- An individual or family with a primary nighttime residence that is a public or private place not designed for or ordinarily used as regular sleeping accommodation for human beings, such as a car, park, abandoned building, bus or train station, airport or campground;
- An individual or family living in a supervised publicly or privately operated shelter designated to provide temporary living arrangements (including hotels and motels paid for by federal, state, or local government programs for low-income individuals or by charitable organizations, congregate shelters, and transitional housing);
- An individual who resided in a shelter or place not meant for human habitation and who is exiting an institution where he or she temporarily resided; or
- An individual or family who is about to lose their housing, including housing they own, rent or live in without paying rent, are sharing with others and rooms in hotels or motels not paid for by federal, state, or local government programs for low-income individuals or by charitable organizations.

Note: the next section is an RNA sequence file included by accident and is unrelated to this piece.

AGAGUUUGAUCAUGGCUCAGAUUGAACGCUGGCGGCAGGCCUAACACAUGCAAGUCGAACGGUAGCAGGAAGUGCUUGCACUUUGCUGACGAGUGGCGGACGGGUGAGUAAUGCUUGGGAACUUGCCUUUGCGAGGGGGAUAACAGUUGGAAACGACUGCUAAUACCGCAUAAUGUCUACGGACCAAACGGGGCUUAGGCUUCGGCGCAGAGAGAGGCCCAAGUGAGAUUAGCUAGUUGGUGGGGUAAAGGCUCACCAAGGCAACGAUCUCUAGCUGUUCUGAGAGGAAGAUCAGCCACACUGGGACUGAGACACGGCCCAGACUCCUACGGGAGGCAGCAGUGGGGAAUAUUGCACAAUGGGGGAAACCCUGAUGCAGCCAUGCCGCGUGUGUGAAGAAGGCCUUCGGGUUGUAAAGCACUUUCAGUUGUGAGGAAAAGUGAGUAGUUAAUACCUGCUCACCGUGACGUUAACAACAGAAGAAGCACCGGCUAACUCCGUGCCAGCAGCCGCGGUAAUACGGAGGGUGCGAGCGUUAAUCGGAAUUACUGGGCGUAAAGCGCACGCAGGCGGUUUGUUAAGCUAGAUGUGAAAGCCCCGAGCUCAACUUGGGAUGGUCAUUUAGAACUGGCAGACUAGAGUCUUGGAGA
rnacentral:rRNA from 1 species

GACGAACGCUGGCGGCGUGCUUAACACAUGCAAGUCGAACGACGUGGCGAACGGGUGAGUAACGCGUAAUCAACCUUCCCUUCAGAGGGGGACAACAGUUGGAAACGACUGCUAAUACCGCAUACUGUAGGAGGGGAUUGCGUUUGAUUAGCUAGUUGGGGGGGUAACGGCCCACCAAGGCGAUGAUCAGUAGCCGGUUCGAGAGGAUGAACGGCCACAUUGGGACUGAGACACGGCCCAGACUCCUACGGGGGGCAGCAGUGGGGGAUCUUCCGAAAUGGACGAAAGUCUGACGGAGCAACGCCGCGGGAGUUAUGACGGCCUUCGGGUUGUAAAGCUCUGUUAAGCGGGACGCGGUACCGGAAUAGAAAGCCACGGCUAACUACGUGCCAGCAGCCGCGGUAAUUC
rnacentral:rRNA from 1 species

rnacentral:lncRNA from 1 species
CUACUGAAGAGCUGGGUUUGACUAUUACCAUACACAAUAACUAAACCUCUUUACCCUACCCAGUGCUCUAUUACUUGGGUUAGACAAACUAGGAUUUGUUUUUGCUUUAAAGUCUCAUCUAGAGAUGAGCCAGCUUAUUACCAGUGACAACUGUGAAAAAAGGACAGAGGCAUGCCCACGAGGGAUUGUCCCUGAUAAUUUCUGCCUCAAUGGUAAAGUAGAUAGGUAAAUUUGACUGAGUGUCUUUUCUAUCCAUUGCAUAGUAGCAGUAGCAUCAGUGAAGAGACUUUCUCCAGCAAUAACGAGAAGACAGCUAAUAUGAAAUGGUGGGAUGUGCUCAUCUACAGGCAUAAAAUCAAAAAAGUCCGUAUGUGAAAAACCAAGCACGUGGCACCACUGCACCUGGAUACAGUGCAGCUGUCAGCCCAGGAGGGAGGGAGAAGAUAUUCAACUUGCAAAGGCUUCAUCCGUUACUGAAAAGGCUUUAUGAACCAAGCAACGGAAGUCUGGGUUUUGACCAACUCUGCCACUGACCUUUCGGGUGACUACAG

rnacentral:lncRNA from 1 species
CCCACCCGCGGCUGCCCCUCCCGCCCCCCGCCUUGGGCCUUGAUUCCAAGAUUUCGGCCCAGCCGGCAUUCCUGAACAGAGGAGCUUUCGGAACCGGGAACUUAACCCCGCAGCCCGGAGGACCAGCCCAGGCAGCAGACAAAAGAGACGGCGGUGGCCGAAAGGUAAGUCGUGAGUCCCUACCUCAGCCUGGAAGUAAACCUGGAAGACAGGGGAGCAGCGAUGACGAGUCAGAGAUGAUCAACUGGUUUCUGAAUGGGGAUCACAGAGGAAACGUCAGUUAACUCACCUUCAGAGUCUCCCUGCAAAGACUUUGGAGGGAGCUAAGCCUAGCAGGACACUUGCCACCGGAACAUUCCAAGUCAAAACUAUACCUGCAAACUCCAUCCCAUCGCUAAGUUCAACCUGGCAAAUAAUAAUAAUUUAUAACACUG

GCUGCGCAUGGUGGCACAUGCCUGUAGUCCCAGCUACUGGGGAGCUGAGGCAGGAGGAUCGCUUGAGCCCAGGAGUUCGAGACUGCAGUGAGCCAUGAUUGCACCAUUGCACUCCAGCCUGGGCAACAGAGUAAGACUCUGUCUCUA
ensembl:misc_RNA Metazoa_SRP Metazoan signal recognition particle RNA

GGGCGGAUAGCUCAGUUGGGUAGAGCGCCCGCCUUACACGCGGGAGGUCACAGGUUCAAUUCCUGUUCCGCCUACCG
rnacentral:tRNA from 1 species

How to Apply for HUD-VASH
To apply for HUD-VASH, visit your local VA Medical Center. Use the search tool here to find one in your area: https://www.va.gov/directory/guide/home.asp?isflash=1
HUD Exchange Homeless Assistance
The HUD Exchange is an online platform that provides resources, information and guidance to community organizations that partner with the Department of Housing and Urban Development (HUD).
Since HUD administers a variety of housing assistance programs throughout the U.S., this online platform makes it easy for local agencies to access vital information to keep their programs running.
HUD provides many homeless assistance programs, some of which are geared toward helping veterans find and maintain suitable, permanent housing. The HUD Exchange has information and resources for anyone experiencing homelessness or who may be at risk of being homeless.